Image of the Day: That Toad Is Poison

The introduction of the poisonous Duttaphrynus melanostictus into Madagascar could be fatally risky for the island’s native predators.

Jun 5, 2018
Sukanya Charuchandra

Asian toad (Duttaphrynus melanostictus)DUTTAPHRYNUS_MELANOSTICTUS_ASIAN_TOAD_PHOTO_WOLFGANG_WUSTERA genetic study published yesterday (June 4) in Current Biology reaffirms earlier fears of conservation biologists that the entry of the Asian toad (Duttaphrynus melanostictus) into Madagascar could be disastrous for the island’s native wildlife. The toad’s poison obstructs the function of a sodium-potassium pump needed for proper functioning of the cell membrane. Resistance to this toxin by animals that eat the toad is reflected in the form of a mutated genetic sequence for this pump. When researchers sequenced this region of the genome for 77 island species, they found only one rodent exhibited a possible resistance to the Asian toad.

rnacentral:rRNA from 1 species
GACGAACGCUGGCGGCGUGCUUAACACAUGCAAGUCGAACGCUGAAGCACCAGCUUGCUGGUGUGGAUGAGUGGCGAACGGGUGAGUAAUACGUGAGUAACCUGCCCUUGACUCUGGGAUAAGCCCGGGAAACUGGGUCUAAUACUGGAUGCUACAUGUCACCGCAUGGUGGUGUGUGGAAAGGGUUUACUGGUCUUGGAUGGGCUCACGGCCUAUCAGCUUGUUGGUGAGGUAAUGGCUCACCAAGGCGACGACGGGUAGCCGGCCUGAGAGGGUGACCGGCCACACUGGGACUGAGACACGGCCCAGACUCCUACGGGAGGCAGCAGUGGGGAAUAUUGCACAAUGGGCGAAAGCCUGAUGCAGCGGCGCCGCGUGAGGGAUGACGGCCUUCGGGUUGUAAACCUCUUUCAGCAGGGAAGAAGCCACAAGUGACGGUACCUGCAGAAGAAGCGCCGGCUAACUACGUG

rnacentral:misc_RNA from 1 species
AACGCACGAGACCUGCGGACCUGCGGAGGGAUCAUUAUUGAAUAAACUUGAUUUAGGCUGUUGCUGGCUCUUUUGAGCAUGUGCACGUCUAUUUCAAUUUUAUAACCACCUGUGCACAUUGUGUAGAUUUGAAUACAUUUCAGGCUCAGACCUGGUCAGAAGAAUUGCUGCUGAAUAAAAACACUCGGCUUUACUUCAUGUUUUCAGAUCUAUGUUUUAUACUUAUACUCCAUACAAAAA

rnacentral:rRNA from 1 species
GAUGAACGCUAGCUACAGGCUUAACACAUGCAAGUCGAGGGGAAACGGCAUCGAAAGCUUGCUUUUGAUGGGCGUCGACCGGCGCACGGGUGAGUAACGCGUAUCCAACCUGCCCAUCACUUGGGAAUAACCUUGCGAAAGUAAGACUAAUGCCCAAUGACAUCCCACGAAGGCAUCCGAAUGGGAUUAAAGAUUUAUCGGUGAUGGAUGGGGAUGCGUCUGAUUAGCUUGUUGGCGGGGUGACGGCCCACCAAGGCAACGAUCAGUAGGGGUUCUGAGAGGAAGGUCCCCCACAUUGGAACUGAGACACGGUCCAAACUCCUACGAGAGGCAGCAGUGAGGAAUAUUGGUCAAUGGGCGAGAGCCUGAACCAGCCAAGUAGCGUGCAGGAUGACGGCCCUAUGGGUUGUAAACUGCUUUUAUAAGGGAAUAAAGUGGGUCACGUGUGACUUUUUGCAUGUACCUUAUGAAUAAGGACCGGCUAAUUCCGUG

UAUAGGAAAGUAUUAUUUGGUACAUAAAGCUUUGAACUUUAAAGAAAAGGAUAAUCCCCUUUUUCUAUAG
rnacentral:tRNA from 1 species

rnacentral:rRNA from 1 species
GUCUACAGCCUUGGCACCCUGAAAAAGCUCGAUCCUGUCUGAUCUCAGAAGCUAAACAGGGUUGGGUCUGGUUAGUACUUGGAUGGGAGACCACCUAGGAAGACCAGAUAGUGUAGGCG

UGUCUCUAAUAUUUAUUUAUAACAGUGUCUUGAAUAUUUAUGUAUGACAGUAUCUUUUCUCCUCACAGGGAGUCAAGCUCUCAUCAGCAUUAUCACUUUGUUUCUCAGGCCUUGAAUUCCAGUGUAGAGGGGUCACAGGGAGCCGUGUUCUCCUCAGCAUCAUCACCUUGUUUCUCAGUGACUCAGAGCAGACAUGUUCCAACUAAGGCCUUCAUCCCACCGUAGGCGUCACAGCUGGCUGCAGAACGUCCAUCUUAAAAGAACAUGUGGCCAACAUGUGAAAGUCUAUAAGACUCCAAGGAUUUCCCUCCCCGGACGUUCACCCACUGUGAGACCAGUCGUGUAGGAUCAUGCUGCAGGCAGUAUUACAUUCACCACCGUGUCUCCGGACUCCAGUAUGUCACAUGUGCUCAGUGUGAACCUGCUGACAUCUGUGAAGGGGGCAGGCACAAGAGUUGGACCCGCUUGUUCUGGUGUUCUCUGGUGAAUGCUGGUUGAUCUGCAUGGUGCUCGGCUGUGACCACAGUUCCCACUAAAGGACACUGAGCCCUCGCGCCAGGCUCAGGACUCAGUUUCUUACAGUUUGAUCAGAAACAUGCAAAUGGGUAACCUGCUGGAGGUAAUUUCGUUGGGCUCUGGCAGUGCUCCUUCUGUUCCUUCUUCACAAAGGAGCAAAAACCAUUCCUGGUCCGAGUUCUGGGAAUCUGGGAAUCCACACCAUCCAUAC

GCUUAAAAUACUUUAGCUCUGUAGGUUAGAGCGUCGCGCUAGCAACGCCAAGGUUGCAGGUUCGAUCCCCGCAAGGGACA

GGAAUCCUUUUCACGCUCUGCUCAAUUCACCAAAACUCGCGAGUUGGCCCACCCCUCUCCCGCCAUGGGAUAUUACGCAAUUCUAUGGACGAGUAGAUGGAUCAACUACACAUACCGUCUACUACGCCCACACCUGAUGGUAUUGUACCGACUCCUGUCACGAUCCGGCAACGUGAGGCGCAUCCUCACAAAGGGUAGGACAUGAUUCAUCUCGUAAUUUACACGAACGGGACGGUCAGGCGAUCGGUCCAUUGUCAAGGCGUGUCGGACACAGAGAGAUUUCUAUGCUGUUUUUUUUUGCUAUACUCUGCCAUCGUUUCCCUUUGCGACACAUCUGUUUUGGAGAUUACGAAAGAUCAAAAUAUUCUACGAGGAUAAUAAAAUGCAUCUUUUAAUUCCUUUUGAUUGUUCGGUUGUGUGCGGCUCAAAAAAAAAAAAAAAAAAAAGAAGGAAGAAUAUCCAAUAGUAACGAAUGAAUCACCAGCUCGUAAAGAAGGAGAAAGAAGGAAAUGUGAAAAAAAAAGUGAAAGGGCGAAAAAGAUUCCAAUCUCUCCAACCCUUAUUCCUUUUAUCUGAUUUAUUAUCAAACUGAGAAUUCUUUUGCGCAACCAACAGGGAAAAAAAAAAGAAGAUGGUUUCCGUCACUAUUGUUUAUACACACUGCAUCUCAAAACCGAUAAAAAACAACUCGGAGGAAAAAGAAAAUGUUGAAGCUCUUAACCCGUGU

Wolfgang Wüster, a coauthor on the paper, cautions in a statement, “predators that frequently feed on toads and do not rapidly learn or evolve to avoid them are likely to become much rarer or possibly extinct.” His results reinforce the need for urgent implementation of a plan to control the spread of this species.

B.M. Marshall et al., “Widespread vulnerability of Malagasy predators to the toxins of an introduced toad,” Curr Biol, doi:10.1016/j.cub.2018.04.024, 2018.